Conflicts of Interest: The authors have no conflicts of interest to declare.
Ethical Statement: This retrospective study received the approval from the Institutional Review Board (IRB number: 2019022607), and informed consent was obtained from all patients.
- Carter BW, Marom EM, Detterbeck FC. Approaching the patient with an anterior mediastinal mass: a guide for clinicians. J Thorac Oncol 2014;9:S102-9. [Crossref] [PubMed]
- Suster S, Moran CA. Histologic classification of thymoma: the World Health Organization and beyond. Hematol Oncol Clin North Am 2008;22:381-92. [Crossref] [PubMed]
- Marx A, Chan JK, Coindre JM, et al. The 2015 World Health Organization Classification of Tumors of the Thymus: Continuity and Changes. J Thorac Oncol 2015;10:1383-95. [Crossref] [PubMed]
- Chen G, Marx A, Chen WH, et al. New WHO histologic classification predicts prognosis of thymic epithelial tumors: a clinicopathologic study of 200 thymoma cases from China. Cancer 2002;95:420-9. [Crossref] [PubMed]
- Scorsetti M, Leo F, Trama A, et al. Thymoma and thymic carcinomas. Crit Rev Oncol Hematol 2016;99:332-50. [Crossref] [PubMed]
- Strobel P, Bauer A, Puppe B, et al. Tumor recurrence and survival in patients treated for thymomas and thymic squamous cell carcinomas: a retrospective analysis. J Clin Oncol 2004;22:1501-9. [Crossref] [PubMed]
- Abdel Razek AA, Khairy M, Nada N. Diffusion-weighted MR imaging in thymic epithelial tumors: correlation with World Health Organization classification and clinical staging. Radiology 2014;273:268-75. [Crossref] [PubMed]
- Scorsetti M, Leo F, Trama A, et al. Thymoma and thymic carcinomas. Crit Rev Oncol Hematol 2016;99:332-50. [Crossref] [PubMed]
- Carter BW, Okumura M, Detterbeck FC, et al. Approaching the patient with an anterior mediastinal mass: a guide for radiologists. J Thorac Oncol 2014;9:S110-8. [Crossref] [PubMed]
- Lambin P, Rios-Velazquez E, Leijenaar R, et al. Radiomics: extracting more information from medical images using advanced feature analysis. Eur J Cancer 2012;48:441-6. [Crossref] [PubMed]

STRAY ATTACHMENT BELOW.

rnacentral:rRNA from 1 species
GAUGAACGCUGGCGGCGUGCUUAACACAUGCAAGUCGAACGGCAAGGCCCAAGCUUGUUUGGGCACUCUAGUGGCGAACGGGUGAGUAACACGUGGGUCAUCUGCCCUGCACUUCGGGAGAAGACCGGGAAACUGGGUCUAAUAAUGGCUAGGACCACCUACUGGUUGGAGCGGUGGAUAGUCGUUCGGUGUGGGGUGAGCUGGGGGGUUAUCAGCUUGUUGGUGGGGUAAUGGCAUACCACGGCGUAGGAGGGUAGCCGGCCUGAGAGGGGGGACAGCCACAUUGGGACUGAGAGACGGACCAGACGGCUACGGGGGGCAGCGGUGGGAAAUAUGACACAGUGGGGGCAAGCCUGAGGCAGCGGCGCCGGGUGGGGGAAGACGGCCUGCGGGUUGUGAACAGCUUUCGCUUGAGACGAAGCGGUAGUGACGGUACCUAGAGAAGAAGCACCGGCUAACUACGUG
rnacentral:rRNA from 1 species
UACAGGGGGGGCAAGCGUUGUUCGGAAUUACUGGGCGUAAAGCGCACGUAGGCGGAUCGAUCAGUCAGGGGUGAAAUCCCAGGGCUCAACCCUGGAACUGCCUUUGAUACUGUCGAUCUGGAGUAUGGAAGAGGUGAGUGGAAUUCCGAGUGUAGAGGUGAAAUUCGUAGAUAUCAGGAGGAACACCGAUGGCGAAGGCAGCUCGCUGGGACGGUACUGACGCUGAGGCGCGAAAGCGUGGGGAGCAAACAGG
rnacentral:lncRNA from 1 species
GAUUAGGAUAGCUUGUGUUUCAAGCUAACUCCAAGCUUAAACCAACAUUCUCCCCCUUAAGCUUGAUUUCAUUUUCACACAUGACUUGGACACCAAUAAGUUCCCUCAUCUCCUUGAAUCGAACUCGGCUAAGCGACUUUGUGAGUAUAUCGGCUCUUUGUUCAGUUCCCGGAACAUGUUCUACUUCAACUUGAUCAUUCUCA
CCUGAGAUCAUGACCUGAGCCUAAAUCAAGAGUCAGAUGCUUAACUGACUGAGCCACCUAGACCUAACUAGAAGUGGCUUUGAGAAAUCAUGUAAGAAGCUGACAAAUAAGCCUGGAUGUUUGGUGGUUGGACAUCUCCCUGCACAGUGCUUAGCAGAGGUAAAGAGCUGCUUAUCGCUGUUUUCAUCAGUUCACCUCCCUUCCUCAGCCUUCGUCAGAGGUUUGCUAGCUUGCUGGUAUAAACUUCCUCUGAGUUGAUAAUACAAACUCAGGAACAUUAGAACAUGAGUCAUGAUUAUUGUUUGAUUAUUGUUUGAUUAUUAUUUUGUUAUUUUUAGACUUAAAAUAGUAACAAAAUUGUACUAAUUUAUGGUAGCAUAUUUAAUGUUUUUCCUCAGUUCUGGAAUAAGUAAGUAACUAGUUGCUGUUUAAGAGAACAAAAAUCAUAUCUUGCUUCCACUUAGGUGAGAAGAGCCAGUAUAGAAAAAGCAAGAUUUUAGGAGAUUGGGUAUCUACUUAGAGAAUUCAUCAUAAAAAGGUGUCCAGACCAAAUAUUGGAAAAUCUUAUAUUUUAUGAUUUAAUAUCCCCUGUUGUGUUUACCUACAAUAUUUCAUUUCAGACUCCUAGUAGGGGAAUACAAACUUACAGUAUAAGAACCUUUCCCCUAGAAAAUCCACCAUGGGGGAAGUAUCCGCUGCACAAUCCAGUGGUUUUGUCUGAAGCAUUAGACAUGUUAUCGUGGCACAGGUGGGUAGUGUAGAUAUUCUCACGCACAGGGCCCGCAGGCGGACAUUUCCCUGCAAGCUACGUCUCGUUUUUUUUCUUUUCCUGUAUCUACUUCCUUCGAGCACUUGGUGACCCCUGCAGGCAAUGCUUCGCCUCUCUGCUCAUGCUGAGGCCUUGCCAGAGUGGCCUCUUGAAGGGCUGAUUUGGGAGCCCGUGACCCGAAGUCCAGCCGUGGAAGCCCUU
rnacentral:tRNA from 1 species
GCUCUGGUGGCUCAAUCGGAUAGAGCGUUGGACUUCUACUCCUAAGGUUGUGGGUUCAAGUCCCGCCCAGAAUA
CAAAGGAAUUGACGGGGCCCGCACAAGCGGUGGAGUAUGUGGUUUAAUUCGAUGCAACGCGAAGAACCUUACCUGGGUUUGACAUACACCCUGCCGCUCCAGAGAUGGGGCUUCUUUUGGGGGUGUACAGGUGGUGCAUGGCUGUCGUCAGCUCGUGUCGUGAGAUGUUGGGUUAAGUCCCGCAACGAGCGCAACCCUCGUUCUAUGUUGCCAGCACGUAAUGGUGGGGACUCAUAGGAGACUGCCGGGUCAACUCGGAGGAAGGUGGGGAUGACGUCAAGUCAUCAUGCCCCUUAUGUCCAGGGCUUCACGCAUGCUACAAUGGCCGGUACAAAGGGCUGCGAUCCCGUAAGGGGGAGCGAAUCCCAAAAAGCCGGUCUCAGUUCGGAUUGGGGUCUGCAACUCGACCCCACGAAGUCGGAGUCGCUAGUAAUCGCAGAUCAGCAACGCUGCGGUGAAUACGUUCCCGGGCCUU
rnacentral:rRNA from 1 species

- Kumar V, Gu Y, Basu S, et al. Radiomics: the process and the challenges. Magn Reson Imaging 2012;30:1234-48. [Crossref] [PubMed]
- Gillies RJ, Kinahan PE, Hricak H. Radiomics: Images Are More than Pictures, They Are Data. Radiology 2016;278:563-77. [Crossref] [PubMed]
- Song SH, Park H, Lee G, et al. Imaging Phenotyping Using Radiomics to Predict Micropapillary Pattern within Lung Adenocarcinoma. J Thorac Oncol 2017;12:624-32. [Crossref] [PubMed]
- Iannarelli A, Sacconi B, Tomei F, et al. Analysis of CT features and quantitative texture analysis in patients with thymic tumors: correlation with grading and staging. Radiol Med 2018;123:345-50. [Crossref] [PubMed]
- Yasaka K, Akai H, Abe O, et al. Quantitative computed tomography texture analyses for anterior mediastinal masses: Differentiation between solid masses and cysts. Eur J Radiol 2018;100:85-91. [Crossref] [PubMed]
- Yasaka K, Akai H, Nojima M, et al. Quantitative computed tomography texture analysis for estimating histological subtypes of thymic epithelial tumors. Eur J Radiol 2017;92:84-92. [Crossref] [PubMed]
- Strollo DC, Rosado de Christenson ML, Jett JR. Primary mediastinal tumors. Part 1: tumors of the anterior mediastinum. Chest 1997;112:511-22. [Crossref] [PubMed]
- Kong LY, Zhang W, Zhou Y, et al. Histogram analysis of apparent diffusion coefficient maps for assessing thymic epithelial tumours: correlation with world health organization classification and clinical staging. Br J Radiol 2018;91:20170580. [Crossref] [PubMed]
- Ditmer A, Zhang B, Shujaat T, et al. Diagnostic accuracy of MRI texture analysis for grading gliomas. J Neurooncol 2018;140:583-9. [Crossref] [PubMed]
- Huang X, Cheng Z, Huang Y, et al. CT-based Radiomics Signature to Discriminate High-grade From Low-grade Colorectal Adenocarcinoma. Acad Radiol 2018;25:1285-97. [Crossref] [PubMed]
- Xu X, Zhang X, Tian Q, et al. Quantitative Identification of Nonmuscle-Invasive and Muscle-Invasive Bladder Carcinomas: A Multiparametric MRI Radiomics Analysis. J Magn Reson Imaging 2019;49:1489-98. [Crossref] [PubMed]
- Tang L. Radiological evaluation of advanced gastric cancer: from image to big data radiomics. Zhonghua Wei Chang Wai Ke Za Zhi 2018;21:1106-12. [PubMed]
- Penzias G, Singanamalli A, Elliott R, et al. Identifying the morphologic basis for radiomic features in distinguishing different Gleason grades of prostate cancer on MRI: Preliminary findings. PLoS One 2018;13:e0200730. [Crossref] [PubMed]
- Chaddad A, Daniel P, Niazi T. Radiomics Evaluation of Histological Heterogeneity Using Multiscale Textures Derived From 3D Wavelet Transformation of Multispectral Images. Front Oncol 2018;8:96. [Crossref] [PubMed]
- Yanagawa M, Tomiyama N. Prediction of thymoma histology and stage by radiographic criteria. Thorac Surg Clin 2011;21:1-12. v. [Crossref] [PubMed]